In Eph. 3 Paul declares much of the profound revelation disclosed to him in the years before his public ministry began. His words are confrontational and controversial in the extreme. Nonetheless, he writes without hesitation, encouraging the Ephesians to dare to accept the implications of Calvary in choosing them as the church of God to be the instrument of God’s glory in the earth.
[Eph 3:1-21 KJV] 1 For this cause I Paul, the prisoner of Jesus Christ for you Gentiles, 2 If ye have heard of the dispensation of the grace of God which is given me to you-ward: 3 How that by revelation he made known unto me the mystery; (as I wrote afore in few words, 4 Whereby, when ye read, ye may understand my knowledge in the mystery of Christ) 5 Which in other ages was not made known unto the sons of men, as it is now revealed unto his holy apostles and prophets by the Spirit; 6 That the Gentiles should be fellowheirs, and of the same body, and partakers of his promise in Christ by the gospel: 7 Whereof I was made a minister, according to the gift of the grace of God given unto me by the effectual working of his power. 8 Unto me, who am less than the least of all saints, is this grace given, that I should preach among the Gentiles the unsearchable riches of Christ; 9 And to make all [men] see what [is] the fellowship of the mystery, which from the beginning of the world hath been hid in God, who created all things by Jesus Christ: 10 To the intent that now unto the principalities and powers in heavenly [places] might be known by the church the manifold wisdom of God,
In chapter 3 Paul discloses in greater detail things that God revealed to him regarding the mysteries of the kingdom that up to this point he has not fully described. He wants the Ephesians to be more aware of his knowledge of what he calls “the mystery of Christ” that was withheld for 1000’s of years but it now made known not only to himself but to all his “holy apostles and prophets” by the Spirit of God. Some would take this as an indication that Paul considered the new faith to be a “mystery religion.” These were very much in evidence in the first centuries of the church under the general heading of Gnosticism.
Gnosticism was not descriptive of any one group but rather a subset of the Christian faith that believed that redeeming grace was received primarily through the disclosure of mystery teachings and revelations taught by their leading proponents. The apostles fought strongly against the beginning of this movement and even at that Gnosticism lingered into the fourth and fifth centuries, at one point threatening to engulf the whole of the church until the faith was codified by the councils conducted under the authority of Constantine. It is important to make a note of because in Christianity today much emphasis is made upon doctrine as the means of receiving salvation. In other words “I am saved because I believe certain doctrines or sets of doctrines…” Doctrine is certainly important, but doctrine does not save us. Salvation is brought about by the new birth experience as Jesus articulated to Nicodemus “you must be born again…” We are not born again by virtue of a teaching or accepting a proposed truth. We are born again according to Rom. 10:10 by believing in our heart that God raised Jesus from the dead and confessing openly and verbally that Jesus is Lord of our lives.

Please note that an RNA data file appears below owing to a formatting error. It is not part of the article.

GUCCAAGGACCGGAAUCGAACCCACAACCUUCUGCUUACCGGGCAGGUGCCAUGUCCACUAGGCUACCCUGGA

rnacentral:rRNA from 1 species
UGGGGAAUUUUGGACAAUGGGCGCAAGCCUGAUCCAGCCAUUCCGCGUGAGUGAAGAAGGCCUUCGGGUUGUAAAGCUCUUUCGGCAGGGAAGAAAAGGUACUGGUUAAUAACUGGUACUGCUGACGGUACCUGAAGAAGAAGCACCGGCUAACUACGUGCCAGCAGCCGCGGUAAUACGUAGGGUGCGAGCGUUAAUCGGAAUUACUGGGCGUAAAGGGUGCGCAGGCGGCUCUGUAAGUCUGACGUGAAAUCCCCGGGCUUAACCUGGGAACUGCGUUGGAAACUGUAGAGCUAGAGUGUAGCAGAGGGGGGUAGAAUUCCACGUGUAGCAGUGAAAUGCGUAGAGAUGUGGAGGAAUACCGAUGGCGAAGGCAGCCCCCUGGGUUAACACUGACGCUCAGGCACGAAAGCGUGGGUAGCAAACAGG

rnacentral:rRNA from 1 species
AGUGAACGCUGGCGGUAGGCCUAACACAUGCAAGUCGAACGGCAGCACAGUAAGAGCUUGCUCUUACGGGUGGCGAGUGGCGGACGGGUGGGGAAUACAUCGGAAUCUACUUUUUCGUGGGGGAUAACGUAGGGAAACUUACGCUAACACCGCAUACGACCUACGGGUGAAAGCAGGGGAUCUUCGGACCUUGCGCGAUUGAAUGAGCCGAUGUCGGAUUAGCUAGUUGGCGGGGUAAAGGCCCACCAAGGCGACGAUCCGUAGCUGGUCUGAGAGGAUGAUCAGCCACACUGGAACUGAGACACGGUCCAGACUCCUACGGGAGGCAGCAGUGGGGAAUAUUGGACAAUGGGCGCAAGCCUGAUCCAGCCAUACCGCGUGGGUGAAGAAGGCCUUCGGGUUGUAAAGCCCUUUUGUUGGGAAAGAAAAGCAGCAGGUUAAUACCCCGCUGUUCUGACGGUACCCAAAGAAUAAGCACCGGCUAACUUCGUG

What is Paul’s great mystery? He speaks from a Jewish perspective in revealing this. The secret hidden until his time is that the Gentiles (non-Jewish people groups) are now fellow heirs of salvation through Jesus Christ. In other words, the redemption planned by God and foreshadowed in the law and the prophets is not a Jewish-only consideration. This was very controversial because Jewish hatred and bigotry toward non-Jews ran extremely deep at this time in history thanks to the scribes, Pharisees, and Sadducees, the very same elitist leadership who colluded in and rejoiced at the crucifixion of Jesus.
This message of inclusion is in Paul’s understanding the entire encapsulation of the calling of God upon his life (v. 8). Paul’s mandate is to preach among the Gentiles the unsearchable riches of Christ. This is an interesting admission because throughout his life Paul continued to return to the Jewish people and specifically to Jerusalem which eventually led to his imprisonment and death. Paul’s longing (v. 9) is that all men see the fellowship of the mystery not only that the Gentiles are included in the redemptive plan of heaven but that Jesus (recently crucified) is in truth the Messiah and not just the Messiah as a human deliverer but God in the flesh by whom all things in heaven and earth are created. As believers, we accept these things without question, but in Paul’s day, these statements were fantastic and against everything both Jews and Gentiles held as their own personal beliefs in their respective cultures.
This message – the message of the supremacy of Christ is being brought forth (v. 10) to the intent that now to the principalities and powers in heavenly places might be made known by the church the manifold wisdom of God.
To Be Continued Next Week
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